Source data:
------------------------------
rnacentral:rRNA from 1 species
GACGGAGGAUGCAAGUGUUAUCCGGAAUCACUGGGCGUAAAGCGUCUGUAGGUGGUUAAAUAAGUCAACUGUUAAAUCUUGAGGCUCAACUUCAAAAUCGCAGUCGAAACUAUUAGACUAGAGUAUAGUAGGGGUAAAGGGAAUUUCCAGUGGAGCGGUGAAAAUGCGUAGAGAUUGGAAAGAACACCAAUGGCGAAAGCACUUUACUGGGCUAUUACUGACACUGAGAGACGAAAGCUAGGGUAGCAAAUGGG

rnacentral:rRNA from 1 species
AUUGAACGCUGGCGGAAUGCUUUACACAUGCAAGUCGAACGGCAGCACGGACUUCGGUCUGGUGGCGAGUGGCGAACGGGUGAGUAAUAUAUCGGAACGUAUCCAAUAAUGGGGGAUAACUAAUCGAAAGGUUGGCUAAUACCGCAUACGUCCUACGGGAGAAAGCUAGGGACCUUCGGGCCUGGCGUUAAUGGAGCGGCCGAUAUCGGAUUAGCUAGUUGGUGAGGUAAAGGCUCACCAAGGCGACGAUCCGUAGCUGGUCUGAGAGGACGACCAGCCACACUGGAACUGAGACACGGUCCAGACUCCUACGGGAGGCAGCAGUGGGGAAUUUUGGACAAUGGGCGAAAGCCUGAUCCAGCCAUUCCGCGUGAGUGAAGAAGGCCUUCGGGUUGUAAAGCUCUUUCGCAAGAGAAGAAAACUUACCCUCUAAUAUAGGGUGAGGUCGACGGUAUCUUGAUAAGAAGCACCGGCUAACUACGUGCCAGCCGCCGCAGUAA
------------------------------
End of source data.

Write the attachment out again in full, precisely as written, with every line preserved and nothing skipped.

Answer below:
rnacentral:rRNA from 1 species
GACGGAGGAUGCAAGUGUUAUCCGGAAUCACUGGGCGUAAAGCGUCUGUAGGUGGUUAAAUAAGUCAACUGUUAAAUCUUGAGGCUCAACUUCAAAAUCGCAGUCGAAACUAUUAGACUAGAGUAUAGUAGGGGUAAAGGGAAUUUCCAGUGGAGCGGUGAAAAUGCGUAGAGAUUGGAAAGAACACCAAUGGCGAAAGCACUUUACUGGGCUAUUACUGACACUGAGAGACGAAAGCUAGGGUAGCAAAUGGG

rnacentral:rRNA from 1 species
AUUGAACGCUGGCGGAAUGCUUUACACAUGCAAGUCGAACGGCAGCACGGACUUCGGUCUGGUGGCGAGUGGCGAACGGGUGAGUAAUAUAUCGGAACGUAUCCAAUAAUGGGGGAUAACUAAUCGAAAGGUUGGCUAAUACCGCAUACGUCCUACGGGAGAAAGCUAGGGACCUUCGGGCCUGGCGUUAAUGGAGCGGCCGAUAUCGGAUUAGCUAGUUGGUGAGGUAAAGGCUCACCAAGGCGACGAUCCGUAGCUGGUCUGAGAGGACGACCAGCCACACUGGAACUGAGACACGGUCCAGACUCCUACGGGAGGCAGCAGUGGGGAAUUUUGGACAAUGGGCGAAAGCCUGAUCCAGCCAUUCCGCGUGAGUGAAGAAGGCCUUCGGGUUGUAAAGCUCUUUCGCAAGAGAAGAAAACUUACCCUCUAAUAUAGGGUGAGGUCGACGGUAUCUUGAUAAGAAGCACCGGCUAACUACGUGCCAGCCGCCGCAGUAA